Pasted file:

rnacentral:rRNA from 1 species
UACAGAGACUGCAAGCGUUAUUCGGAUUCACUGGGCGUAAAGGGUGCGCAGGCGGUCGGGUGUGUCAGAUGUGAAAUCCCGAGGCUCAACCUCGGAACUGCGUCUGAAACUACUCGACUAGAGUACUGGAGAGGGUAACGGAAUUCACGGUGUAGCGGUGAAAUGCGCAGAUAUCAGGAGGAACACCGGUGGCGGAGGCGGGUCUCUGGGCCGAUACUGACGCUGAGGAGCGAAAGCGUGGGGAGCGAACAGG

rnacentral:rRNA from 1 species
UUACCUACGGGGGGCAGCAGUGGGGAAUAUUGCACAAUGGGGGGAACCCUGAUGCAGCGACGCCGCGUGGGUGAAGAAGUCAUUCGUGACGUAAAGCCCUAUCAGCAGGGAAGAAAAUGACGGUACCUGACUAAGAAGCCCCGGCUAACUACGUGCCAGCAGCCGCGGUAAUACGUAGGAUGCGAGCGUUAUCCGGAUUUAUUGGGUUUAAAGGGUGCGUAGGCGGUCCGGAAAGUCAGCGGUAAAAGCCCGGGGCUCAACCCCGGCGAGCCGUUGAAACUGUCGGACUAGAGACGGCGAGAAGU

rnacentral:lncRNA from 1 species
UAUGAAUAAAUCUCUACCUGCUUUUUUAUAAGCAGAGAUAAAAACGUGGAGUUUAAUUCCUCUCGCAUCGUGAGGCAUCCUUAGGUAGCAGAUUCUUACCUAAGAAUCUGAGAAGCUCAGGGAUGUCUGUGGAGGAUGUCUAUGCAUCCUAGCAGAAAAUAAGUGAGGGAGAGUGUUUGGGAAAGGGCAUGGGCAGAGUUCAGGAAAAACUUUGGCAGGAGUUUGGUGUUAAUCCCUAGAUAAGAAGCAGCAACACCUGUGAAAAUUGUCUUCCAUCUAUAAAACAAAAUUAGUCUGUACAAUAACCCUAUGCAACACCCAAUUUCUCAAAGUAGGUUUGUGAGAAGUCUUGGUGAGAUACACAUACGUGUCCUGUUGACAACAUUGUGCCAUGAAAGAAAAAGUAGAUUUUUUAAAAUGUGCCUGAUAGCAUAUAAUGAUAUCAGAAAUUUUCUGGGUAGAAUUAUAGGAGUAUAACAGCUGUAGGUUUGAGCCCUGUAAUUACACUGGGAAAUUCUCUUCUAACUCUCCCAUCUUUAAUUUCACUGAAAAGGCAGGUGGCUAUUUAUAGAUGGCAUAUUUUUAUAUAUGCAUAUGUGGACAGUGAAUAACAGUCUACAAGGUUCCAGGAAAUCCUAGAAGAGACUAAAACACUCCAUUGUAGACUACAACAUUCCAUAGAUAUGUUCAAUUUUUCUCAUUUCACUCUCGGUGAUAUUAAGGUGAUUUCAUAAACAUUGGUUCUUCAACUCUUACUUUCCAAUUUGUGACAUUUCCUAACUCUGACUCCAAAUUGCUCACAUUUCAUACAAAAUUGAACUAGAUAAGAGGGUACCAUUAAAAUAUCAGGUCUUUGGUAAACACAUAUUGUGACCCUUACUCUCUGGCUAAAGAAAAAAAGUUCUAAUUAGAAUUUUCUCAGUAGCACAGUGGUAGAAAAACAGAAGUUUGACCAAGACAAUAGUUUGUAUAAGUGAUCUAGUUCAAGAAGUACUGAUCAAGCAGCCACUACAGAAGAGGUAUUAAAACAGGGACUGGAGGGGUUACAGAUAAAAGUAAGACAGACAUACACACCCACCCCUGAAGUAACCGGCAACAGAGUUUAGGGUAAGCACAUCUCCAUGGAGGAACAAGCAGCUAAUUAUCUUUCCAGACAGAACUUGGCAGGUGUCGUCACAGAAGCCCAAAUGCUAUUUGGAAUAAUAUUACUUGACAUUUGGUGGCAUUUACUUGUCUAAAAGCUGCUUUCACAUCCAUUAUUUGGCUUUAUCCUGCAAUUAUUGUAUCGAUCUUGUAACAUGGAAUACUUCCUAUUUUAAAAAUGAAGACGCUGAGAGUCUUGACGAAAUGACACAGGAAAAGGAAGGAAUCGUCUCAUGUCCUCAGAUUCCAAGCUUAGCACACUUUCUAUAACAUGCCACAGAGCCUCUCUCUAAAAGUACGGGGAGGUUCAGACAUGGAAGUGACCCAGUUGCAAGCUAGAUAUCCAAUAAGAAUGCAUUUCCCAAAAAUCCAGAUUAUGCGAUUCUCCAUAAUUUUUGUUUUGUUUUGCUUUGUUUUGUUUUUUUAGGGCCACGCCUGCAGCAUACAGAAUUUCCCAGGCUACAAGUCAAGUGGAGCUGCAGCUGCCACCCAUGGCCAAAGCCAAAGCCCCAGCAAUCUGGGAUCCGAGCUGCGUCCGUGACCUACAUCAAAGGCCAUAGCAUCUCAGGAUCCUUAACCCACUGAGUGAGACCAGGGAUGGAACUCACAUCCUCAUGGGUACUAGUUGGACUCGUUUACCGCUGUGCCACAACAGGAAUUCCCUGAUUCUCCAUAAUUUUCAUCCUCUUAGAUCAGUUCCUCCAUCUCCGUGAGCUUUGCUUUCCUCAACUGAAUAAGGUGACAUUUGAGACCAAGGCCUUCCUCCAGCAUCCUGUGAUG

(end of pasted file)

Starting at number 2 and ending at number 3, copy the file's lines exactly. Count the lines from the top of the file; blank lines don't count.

UACAGAGACUGCAAGCGUUAUUCGGAUUCACUGGGCGUAAAGGGUGCGCAGGCGGUCGGGUGUGUCAGAUGUGAAAUCCCGAGGCUCAACCUCGGAACUGCGUCUGAAACUACUCGACUAGAGUACUGGAGAGGGUAACGGAAUUCACGGUGUAGCGGUGAAAUGCGCAGAUAUCAGGAGGAACACCGGUGGCGGAGGCGGGUCUCUGGGCCGAUACUGACGCUGAGGAGCGAAAGCGUGGGGAGCGAACAGG

rnacentral:rRNA from 1 species